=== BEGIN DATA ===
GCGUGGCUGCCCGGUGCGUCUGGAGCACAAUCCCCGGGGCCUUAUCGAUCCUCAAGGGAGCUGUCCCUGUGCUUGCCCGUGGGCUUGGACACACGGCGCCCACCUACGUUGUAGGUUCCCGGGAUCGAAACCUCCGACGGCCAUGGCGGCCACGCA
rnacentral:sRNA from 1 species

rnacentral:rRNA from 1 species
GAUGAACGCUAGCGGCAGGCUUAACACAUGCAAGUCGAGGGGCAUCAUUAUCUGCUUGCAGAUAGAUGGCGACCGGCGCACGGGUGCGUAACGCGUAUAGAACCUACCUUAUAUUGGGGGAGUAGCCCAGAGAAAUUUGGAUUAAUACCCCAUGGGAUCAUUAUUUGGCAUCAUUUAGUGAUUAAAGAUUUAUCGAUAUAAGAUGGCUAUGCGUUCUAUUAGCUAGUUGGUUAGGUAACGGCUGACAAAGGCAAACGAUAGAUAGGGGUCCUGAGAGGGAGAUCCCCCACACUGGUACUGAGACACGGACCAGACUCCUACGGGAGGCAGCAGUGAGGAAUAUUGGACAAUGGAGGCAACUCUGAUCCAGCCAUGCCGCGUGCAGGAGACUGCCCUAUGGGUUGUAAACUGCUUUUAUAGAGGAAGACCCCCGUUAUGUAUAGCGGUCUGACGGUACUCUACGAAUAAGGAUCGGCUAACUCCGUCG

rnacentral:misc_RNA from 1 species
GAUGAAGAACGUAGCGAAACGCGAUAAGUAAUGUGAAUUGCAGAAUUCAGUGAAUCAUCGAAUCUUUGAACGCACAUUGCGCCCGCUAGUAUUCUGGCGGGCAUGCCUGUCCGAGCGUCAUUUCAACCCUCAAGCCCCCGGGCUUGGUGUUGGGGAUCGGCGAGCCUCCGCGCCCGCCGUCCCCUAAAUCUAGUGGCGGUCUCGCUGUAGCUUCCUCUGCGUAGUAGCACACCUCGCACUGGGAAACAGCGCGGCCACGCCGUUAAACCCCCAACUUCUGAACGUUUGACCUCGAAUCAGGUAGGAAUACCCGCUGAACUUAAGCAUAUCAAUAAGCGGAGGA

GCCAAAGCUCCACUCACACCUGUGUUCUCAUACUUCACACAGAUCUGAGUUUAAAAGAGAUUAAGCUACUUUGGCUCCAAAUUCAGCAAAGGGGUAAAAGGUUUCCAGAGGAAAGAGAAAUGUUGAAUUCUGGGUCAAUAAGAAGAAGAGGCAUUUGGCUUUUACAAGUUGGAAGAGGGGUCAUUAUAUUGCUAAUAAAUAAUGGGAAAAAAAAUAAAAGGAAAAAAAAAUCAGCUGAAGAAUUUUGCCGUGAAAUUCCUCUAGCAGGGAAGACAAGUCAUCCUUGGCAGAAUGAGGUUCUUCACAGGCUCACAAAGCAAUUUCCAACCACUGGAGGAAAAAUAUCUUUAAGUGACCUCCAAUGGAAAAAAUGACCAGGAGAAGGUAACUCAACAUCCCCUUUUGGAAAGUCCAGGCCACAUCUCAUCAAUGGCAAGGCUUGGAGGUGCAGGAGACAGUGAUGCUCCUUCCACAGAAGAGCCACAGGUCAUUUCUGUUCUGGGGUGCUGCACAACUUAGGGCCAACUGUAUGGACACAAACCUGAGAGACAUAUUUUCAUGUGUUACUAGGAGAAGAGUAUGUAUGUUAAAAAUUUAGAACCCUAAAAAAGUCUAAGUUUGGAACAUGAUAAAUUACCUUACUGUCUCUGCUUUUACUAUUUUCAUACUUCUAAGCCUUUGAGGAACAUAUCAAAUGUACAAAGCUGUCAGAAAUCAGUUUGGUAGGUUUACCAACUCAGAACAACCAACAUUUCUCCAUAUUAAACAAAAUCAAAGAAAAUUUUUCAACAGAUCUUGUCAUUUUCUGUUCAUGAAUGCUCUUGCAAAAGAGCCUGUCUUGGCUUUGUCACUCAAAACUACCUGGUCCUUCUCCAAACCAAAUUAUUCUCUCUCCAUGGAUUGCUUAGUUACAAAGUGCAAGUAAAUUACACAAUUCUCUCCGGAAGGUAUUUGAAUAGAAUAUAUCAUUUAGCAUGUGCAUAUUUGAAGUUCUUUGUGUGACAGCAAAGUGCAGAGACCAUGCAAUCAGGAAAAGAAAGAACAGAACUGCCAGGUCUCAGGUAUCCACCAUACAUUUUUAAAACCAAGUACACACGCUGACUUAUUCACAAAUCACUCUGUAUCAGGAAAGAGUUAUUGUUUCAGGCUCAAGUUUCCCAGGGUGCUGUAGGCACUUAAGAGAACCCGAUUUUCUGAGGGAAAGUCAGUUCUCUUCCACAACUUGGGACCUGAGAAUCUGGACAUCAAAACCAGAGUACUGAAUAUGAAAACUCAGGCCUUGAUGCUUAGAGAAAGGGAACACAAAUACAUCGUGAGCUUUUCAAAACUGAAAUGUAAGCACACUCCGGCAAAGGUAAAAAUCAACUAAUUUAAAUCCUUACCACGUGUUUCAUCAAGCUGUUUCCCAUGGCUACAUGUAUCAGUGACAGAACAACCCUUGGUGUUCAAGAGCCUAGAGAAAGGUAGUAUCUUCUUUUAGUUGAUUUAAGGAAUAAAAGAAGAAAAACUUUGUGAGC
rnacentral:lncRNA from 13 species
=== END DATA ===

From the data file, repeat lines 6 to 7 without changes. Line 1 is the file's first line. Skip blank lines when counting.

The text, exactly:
GAUGAAGAACGUAGCGAAACGCGAUAAGUAAUGUGAAUUGCAGAAUUCAGUGAAUCAUCGAAUCUUUGAACGCACAUUGCGCCCGCUAGUAUUCUGGCGGGCAUGCCUGUCCGAGCGUCAUUUCAACCCUCAAGCCCCCGGGCUUGGUGUUGGGGAUCGGCGAGCCUCCGCGCCCGCCGUCCCCUAAAUCUAGUGGCGGUCUCGCUGUAGCUUCCUCUGCGUAGUAGCACACCUCGCACUGGGAAACAGCGCGGCCACGCCGUUAAACCCCCAACUUCUGAACGUUUGACCUCGAAUCAGGUAGGAAUACCCGCUGAACUUAAGCAUAUCAAUAAGCGGAGGA

GCCAAAGCUCCACUCACACCUGUGUUCUCAUACUUCACACAGAUCUGAGUUUAAAAGAGAUUAAGCUACUUUGGCUCCAAAUUCAGCAAAGGGGUAAAAGGUUUCCAGAGGAAAGAGAAAUGUUGAAUUCUGGGUCAAUAAGAAGAAGAGGCAUUUGGCUUUUACAAGUUGGAAGAGGGGUCAUUAUAUUGCUAAUAAAUAAUGGGAAAAAAAAUAAAAGGAAAAAAAAAUCAGCUGAAGAAUUUUGCCGUGAAAUUCCUCUAGCAGGGAAGACAAGUCAUCCUUGGCAGAAUGAGGUUCUUCACAGGCUCACAAAGCAAUUUCCAACCACUGGAGGAAAAAUAUCUUUAAGUGACCUCCAAUGGAAAAAAUGACCAGGAGAAGGUAACUCAACAUCCCCUUUUGGAAAGUCCAGGCCACAUCUCAUCAAUGGCAAGGCUUGGAGGUGCAGGAGACAGUGAUGCUCCUUCCACAGAAGAGCCACAGGUCAUUUCUGUUCUGGGGUGCUGCACAACUUAGGGCCAACUGUAUGGACACAAACCUGAGAGACAUAUUUUCAUGUGUUACUAGGAGAAGAGUAUGUAUGUUAAAAAUUUAGAACCCUAAAAAAGUCUAAGUUUGGAACAUGAUAAAUUACCUUACUGUCUCUGCUUUUACUAUUUUCAUACUUCUAAGCCUUUGAGGAACAUAUCAAAUGUACAAAGCUGUCAGAAAUCAGUUUGGUAGGUUUACCAACUCAGAACAACCAACAUUUCUCCAUAUUAAACAAAAUCAAAGAAAAUUUUUCAACAGAUCUUGUCAUUUUCUGUUCAUGAAUGCUCUUGCAAAAGAGCCUGUCUUGGCUUUGUCACUCAAAACUACCUGGUCCUUCUCCAAACCAAAUUAUUCUCUCUCCAUGGAUUGCUUAGUUACAAAGUGCAAGUAAAUUACACAAUUCUCUCCGGAAGGUAUUUGAAUAGAAUAUAUCAUUUAGCAUGUGCAUAUUUGAAGUUCUUUGUGUGACAGCAAAGUGCAGAGACCAUGCAAUCAGGAAAAGAAAGAACAGAACUGCCAGGUCUCAGGUAUCCACCAUACAUUUUUAAAACCAAGUACACACGCUGACUUAUUCACAAAUCACUCUGUAUCAGGAAAGAGUUAUUGUUUCAGGCUCAAGUUUCCCAGGGUGCUGUAGGCACUUAAGAGAACCCGAUUUUCUGAGGGAAAGUCAGUUCUCUUCCACAACUUGGGACCUGAGAAUCUGGACAUCAAAACCAGAGUACUGAAUAUGAAAACUCAGGCCUUGAUGCUUAGAGAAAGGGAACACAAAUACAUCGUGAGCUUUUCAAAACUGAAAUGUAAGCACACUCCGGCAAAGGUAAAAAUCAACUAAUUUAAAUCCUUACCACGUGUUUCAUCAAGCUGUUUCCCAUGGCUACAUGUAUCAGUGACAGAACAACCCUUGGUGUUCAAGAGCCUAGAGAAAGGUAGUAUCUUCUUUUAGUUGAUUUAAGGAAUAAAAGAAGAAAAACUUUGUGAGC